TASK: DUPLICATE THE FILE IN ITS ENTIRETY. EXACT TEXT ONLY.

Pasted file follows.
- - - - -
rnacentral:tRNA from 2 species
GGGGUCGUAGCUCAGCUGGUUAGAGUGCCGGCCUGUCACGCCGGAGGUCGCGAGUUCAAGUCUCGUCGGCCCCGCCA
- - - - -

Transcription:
rnacentral:tRNA from 2 species
GGGGUCGUAGCUCAGCUGGUUAGAGUGCCGGCCUGUCACGCCGGAGGUCGCGAGUUCAAGUCUCGUCGGCCCCGCCA